What are Microservices?
Microservices are an architectural approach emerging out of service-oriented architecture, emphasizing self-management and lightweightness as the means to improve software agility, scalability, and autonomy. This article examines microservice definition, how to size, and the benefits and challenges facing microservice development.
What exactly are Microservices?
Microservices is an approach to architecting applications. The approach breaks the application down into multiple services with each service being called a microservice. Nothing mysterious or magical there. The beauty of microservices is that each service should be deployed independently and runs independently of any other service or even the implementation around the service.
Microservices simplify the application because each service constitutes a single business function that does one task. In all cases, one task represents a small piece of business capability.
Figure 1 shows a sample application using microservices.
Small and Focused
Microservice size is not related to the number of lines of code but the service should have a small set of responsibilities. To help answer the sizing question, we’ve put together a list of considerations based on developer throughput, availability, scalability, and cost. By considering these, you can decide if your application should be grouped into a large, monolithic codebase, or split up into smaller, individual services and swim lanes.
You must also keep in mind that splitting too aggressively can be overly costly and have little return for the effort involved. Companies with little to no growth will be better served to focus their resources on developing a marketable product than by fine-tuning their service sizes using the considerations below.
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The illustration below can be used to quickly determine whether a service or function should be segmented into smaller microservices, be grouped together with similar or dependent services, or remain in a multifunctional, infrequently changing monolith.
Figure 2 - Determine Service Size
A microservice also needs to be treated like an application or a product. It should have its own source code management repository and its own delivery pipeline for builds and deployment.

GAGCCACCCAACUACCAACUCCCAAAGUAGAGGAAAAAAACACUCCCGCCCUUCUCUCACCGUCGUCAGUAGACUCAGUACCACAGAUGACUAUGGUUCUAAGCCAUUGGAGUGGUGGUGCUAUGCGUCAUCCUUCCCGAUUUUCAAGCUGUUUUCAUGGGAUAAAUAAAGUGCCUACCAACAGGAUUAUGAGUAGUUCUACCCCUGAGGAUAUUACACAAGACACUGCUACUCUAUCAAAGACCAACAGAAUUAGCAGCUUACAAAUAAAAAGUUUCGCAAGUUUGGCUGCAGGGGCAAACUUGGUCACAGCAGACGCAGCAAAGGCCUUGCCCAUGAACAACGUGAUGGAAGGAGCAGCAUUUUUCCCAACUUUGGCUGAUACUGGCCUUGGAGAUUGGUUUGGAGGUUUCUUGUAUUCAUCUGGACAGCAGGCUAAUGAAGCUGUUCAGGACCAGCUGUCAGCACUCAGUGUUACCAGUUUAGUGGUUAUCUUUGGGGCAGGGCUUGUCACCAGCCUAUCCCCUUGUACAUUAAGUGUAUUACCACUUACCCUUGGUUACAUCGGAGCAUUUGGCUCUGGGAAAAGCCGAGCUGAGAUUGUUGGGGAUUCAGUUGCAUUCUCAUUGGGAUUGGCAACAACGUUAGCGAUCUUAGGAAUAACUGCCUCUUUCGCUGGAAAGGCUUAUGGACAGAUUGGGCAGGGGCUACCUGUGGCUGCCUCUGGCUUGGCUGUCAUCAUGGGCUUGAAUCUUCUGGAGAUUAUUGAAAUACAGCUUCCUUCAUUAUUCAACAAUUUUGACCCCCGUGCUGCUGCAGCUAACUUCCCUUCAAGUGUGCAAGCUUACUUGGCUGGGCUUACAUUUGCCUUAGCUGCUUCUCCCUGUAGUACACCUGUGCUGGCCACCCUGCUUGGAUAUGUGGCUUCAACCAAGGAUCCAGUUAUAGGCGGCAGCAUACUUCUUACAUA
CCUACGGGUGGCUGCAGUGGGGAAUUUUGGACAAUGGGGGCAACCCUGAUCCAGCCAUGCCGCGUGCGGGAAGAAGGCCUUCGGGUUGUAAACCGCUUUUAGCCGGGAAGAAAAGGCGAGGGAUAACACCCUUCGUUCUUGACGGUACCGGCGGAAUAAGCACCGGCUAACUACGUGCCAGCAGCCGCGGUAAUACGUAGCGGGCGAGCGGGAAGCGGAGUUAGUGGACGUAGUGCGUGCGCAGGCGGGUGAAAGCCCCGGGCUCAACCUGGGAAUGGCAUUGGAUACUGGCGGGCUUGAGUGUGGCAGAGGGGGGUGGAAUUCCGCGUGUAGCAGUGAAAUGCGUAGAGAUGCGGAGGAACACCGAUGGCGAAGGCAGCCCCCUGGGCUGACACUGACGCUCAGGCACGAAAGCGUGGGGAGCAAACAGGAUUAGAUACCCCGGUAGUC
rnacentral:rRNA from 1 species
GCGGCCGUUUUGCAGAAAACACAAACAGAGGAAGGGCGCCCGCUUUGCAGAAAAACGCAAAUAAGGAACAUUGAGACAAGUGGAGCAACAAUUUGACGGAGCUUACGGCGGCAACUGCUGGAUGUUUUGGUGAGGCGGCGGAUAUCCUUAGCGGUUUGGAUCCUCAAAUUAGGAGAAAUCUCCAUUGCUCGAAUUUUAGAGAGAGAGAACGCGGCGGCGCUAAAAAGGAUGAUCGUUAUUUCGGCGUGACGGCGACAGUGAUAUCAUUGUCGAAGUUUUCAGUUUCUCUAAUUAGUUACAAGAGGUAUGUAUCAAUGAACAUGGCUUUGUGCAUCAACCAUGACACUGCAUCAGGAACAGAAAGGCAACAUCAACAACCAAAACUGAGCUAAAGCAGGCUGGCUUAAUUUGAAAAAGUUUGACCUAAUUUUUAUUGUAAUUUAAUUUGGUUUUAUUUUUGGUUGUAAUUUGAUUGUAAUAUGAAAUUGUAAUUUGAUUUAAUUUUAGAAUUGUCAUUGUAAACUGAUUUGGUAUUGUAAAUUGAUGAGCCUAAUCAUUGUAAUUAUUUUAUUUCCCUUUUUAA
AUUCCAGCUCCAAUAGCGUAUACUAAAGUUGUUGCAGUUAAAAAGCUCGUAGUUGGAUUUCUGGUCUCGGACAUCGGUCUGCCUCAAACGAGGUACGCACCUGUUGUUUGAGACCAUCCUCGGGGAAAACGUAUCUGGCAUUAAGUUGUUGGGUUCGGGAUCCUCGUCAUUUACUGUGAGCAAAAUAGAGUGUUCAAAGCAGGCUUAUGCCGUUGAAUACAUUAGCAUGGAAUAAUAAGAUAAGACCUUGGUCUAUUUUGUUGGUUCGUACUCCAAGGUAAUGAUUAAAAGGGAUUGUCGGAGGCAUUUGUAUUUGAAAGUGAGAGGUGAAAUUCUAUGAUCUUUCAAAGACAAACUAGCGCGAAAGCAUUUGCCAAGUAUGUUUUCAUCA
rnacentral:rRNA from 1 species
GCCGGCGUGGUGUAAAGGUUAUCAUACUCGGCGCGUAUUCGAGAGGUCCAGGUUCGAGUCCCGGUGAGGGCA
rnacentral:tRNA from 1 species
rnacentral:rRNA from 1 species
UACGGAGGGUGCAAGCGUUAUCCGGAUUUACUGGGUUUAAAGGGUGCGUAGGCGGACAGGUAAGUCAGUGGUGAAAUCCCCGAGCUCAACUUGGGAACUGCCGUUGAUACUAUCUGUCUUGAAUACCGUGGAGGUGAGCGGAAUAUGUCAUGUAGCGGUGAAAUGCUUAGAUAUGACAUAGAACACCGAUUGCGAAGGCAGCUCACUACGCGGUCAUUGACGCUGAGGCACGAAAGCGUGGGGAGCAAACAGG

Loose coupling is an essential characteristic of microservices. You need to be able to deploy a single microservice on its own. There must be zero coordination necessary for the deployment with other microservices. This loose coupling enables frequent and rapid deployments, therefore getting much-needed features and capabilities to clients.
A popular way to implement microservices is to use protocols such as HTTP/REST alongside JSON, as an architectural design pattern, we ‘re seeing a most of the main SaaS providers from AWS, Microsoft to IBM and much more, are implementing microservice architecture adopting microservices into their solutions and services.
Microservices are always expressed in plural because we run several of them, not one. Each microservice is further scaled by running multiple instances of it. There are many processes to handle, and memory and CPU requirements are an important consideration when assessing the cost of operation of the entire system. Traditional Java EE stacks are less suitable for microservices from this point of view because they are optimized for running a single application container, not a multitude of containers. Stacks such as Node.js and Go are seen as a go-to technology because they are more lightweight and require less memory and CPU power per instance.
In theory, it is possible to create a microservice system in which each service uses a different stack. In most situations, this would be craziness. Economy of scale, code reuse, and developer skills all limit this number at a level that is around 2 - 3.
Benefits of Microservices
As Microservices architecture has been growing in popularity in recent years, so has the benefits that it can bring software development teams and the enterprises. As software increases in complexity, being able to componentize functional areas in the application into sets of independent services can yield many benefits, which include, but are not limited to the following:
- More efficient debugging – no more jumping through multiple layers of an application, in essence, better fault isolation
- Accelerated software delivery – multiple programming languages can be used thereby giving you access to a wider developer talent pool
- Easier to understand the codebase – increased productivity as each service represents a single functional area or business use case
- Scalability – componentized microservices lend themselves to be integrated with other applications or services via industry-standard interfaces such as REST